“Mid-March is when we began to see a lot of the restrictions around the country,” said Ricky Smith, BWI’s executive director. “The public became really sensitized to the issue of the pandemic.”

Still, BWI has fared better than other airports in part because Southwest has cut fewer flights than many of its competitors. For BWI, that has meant more seats available for those people who are flying. Last May, BWI ranked 22nd among U.S. airports for available seats. This May, the airport ranked 12th.

In a report to the board earlier this month, the MWAA’s Potter said airports face a difficult future.

“Many experts predict the financial fallout from this pandemic will last through next year and likely well beyond for segments of the economy including air travel,” Potter said. “The recovery is expected to be long and slow.”

According to preliminary estimates by Airports Council International-North America, the pandemic is expected to cost U.S. airports at least $23.3 billion in lost revenue in 2020.

According to Andrew Rountree, the MWAA’s chief financial officer, revenue from aviation sources was $170.1 million for the first three months of the year, 8.8 percent lower than in the same period last year. Income from non-airline sources also was down, by 6.6 percent.

Some of that lost revenue may be offset by $10 billion in funding that airports will receive from the $2 trillion coronavirus relief package known as the Cares Act.

Dulles and National will receive more than $229 million, while BWI will receive roughly $87.6 million.

Potter said the authority is still trying to determine how to use the money. However, as a condition of receiving the funds, airports must agree to keep at least 90 percent of their employees on the job through the end of 2020.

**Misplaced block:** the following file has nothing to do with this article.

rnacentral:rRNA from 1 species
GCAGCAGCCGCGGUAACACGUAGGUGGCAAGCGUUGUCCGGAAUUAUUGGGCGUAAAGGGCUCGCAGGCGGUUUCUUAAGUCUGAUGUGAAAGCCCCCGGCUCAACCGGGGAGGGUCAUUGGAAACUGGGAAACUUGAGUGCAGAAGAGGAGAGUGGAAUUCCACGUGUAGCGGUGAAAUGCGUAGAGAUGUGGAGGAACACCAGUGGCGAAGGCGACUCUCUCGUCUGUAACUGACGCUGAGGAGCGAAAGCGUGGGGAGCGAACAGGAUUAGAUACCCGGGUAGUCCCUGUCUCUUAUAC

Still, Potter said, airports are asking for additional federal support.

In prepared testimony for a May 6 hearing before the Senate Committee on Commerce, Science and Transportation, Todd Hauptli, president and chief executive of the American Association of Airport Executives, said airports would need at least $10 billion more, plus additional money to help smaller general-aviation airports and other airport partners.

The GAO told the government in 2015 to develop a plan to protect the aviation system against an outbreak. It never happened.

However, both Potter and Smith said they were confident their airports would get through this crisis.

Potter said one bright spot is that construction projects, including the new concourse and security screening area at National, continue to move forward and remain on schedule.

The same holds true at BWI, where officials are close to completing a project to add 55,000 square feet to Terminal A. The expansion, which will include five new gates, new restrooms and restaurants, is on track and expected to be completed this summer.

Right now, it’s about managing operations and putting the right safety measures in place to ensure that when travelers are ready to return, the airport is ready for them, Smith said.

Potter echoed that sentiment.

“Everyone across the authority is working to make sure we are running our business in the most cost-effective way possible,” he said.

All three airports, however, are spending additional money to add plexiglass barriers and hand-sanitizing stations and have stepped up cleaning and installed decals to help with social distancing. The cost of those efforts and who ultimately will pay for them is not clear.

BWI’s Smith said that in recent days, there have been small signs of a turnaround. As more states inch toward reopening, passenger numbers have slowly increased.

Even so, he’s not necessarily eager to see big crowds return to BWI — yet.

“We’d love to have people flying out of BWI Marshall, but only if they can fly safely,” he said. “We don’t want you to fly unless you have to fly.”